by Frank Schnittger
Sat Mar 14th, 2015 at 03:39:43 PM EST
UK Prime Minister David Cameron has promised to hold a referendum on the UK's membership of the EU should the Tories win an overall majority at the next election due in May. Never mind that his pledge was mainly to fend off the challenge of UKIP, and that he hopes to have negotiations with the EU in the meantime which might address some of the criticisms many Britons have of the EU. Opinion polls in the UK have been sharply divided on Brexit (with a trend favouring remaining in more recent polls), and any renegotiation of the UK's terms of membership is likely to influence the outcome of the vote.
The fact is however - whether Murdock media inspired or not - that many Britons lack a sense of fellow feeling with their compatriots in EU. They view their security as being guaranteed in large part by the USA and look to the EU as little more than a free trade area with a lot of unwanted immigration and meddling bureaucrats which need to be cut down as much as possible. There appears to be a disconnect between the business elite - generally very much in favour of British membership - and the working and lower middle classes who are much more concerned with the impact of immigration on their job prospects and the social and cultural life of the UK - an impact they blame on the EU, even though net immigration very much predates membership of the EU.
The irony is that there are now more than a million Britons living in France and Spain whose residency status and health care could be severely impacted by Brexit. But many of these don't have a vote, or won't go to the trouble of voting. Some indeed, would vote for UKIP in any case. The little Englander mentality runs deep even in some of those who have made their homes elsewhere. Basically many in the UK want the benefits of being part of a large market without bearing any of the costs of social solidarity which the EU ideal mandates.
It is doubtful whether the implications for expatriates or neighbouring states like Ireland will have a huge bearing on any UK referendum debate. The implications for N. Ireland could be very serious indeed. So much so that the Irish Department of the Taoiseach (Prime Minister) is setting up a specialist unit to consider and prepare for such a development - having stayed studiously neutral and silent on the Scottish independence debate. Follow me below the fold for an initial assessment of what the implications for N. Ireland and Ireland might be.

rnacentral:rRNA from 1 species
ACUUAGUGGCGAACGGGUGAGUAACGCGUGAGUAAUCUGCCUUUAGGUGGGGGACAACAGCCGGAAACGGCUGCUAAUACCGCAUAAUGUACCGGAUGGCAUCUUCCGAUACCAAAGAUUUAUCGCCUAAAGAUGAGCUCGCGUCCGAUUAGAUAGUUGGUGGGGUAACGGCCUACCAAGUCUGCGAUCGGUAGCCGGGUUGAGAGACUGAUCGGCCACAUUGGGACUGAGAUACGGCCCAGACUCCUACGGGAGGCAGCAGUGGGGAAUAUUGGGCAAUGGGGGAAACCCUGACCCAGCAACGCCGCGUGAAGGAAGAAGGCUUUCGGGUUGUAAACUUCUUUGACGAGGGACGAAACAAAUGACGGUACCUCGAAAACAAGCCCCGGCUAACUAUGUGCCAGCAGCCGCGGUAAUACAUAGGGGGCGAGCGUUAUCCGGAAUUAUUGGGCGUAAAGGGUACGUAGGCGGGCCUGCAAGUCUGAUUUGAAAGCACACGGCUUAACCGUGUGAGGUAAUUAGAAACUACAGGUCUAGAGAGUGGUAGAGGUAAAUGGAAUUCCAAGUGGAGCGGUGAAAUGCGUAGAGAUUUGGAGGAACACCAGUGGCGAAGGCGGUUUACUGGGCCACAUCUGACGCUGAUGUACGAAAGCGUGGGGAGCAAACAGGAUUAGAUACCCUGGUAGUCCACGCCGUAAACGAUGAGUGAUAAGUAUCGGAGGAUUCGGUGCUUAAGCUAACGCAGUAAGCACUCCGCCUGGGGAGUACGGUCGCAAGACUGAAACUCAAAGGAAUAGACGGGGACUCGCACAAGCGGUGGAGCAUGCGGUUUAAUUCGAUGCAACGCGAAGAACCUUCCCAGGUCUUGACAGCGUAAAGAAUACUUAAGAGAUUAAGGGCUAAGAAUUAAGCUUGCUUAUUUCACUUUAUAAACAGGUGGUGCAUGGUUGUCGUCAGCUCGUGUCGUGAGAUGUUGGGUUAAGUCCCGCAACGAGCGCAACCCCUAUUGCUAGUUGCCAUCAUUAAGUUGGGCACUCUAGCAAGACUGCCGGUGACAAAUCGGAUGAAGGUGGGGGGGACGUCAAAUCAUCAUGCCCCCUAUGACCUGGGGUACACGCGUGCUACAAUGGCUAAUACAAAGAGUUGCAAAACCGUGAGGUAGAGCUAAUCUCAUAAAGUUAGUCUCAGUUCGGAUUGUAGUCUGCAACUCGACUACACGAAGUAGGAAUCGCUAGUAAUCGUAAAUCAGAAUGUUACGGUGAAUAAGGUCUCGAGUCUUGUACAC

1. Northern Ireland.
The constitutional status of N. Ireland was last settled in the Good Friday Agreement which guaranteed equality of esteem for both the Irish nationalist and British Unionist traditions and agreed that the constitutional status of N. Ireland can only be changed by a referendum vote of the majority of the electorate in N. Ireland. That agreement has delivered over 15 years of peace in N. Ireland if one excludes a few riots and contentious marches in the meantime.
All military outposts and border checkpoints have been dismantled. You would hardly know you are moving from one jurisdiction to another when crossing the border and there is an increasing amount of trade, tourism and cultural exchange across that border. The Euro is widely accepted in N. Ireland and both economies are increasingly integrated. The importance of agriculture in N. Ireland means that the N. Ireland economy has more in common with the Republic of Ireland than it has with the rest of the UK. Partly because of the Common Agricultural Policy, you simply don't get the animus against the EU that you get in England.
So what if the UK leaves the EU? Firstly, a lot depends on the terms of exit. Presumably both Ireland and the UK will remain outside the Schengen Area, so at least there will not be a return to passport controls on the border between Ireland, North and south. Presumably the UK will also seek to retain free access to the single market as an EFTA member. However what if the remaining EU members take the view that the UK should not be a beneficiary of the single market if it does not share in the costs of the complementary social cohesion goals of the EU?
It is one thing for the EU to give preferential treatment to relatively small EFTA economies like Iceland, Liechtenstein, Norway, and Switzerland, quite a different matter to do so for a major competitor economy like the UK. Why should, for instance, Germany give the City of London the same access to financial markets as, say, Frankfurt, when the UK no longer carries the cost of EU membership? It could be argued that the UK is no different from Switzerland in this regard, but there are close social and linguistic ties between Germany and Switzerland that are less evident with the UK.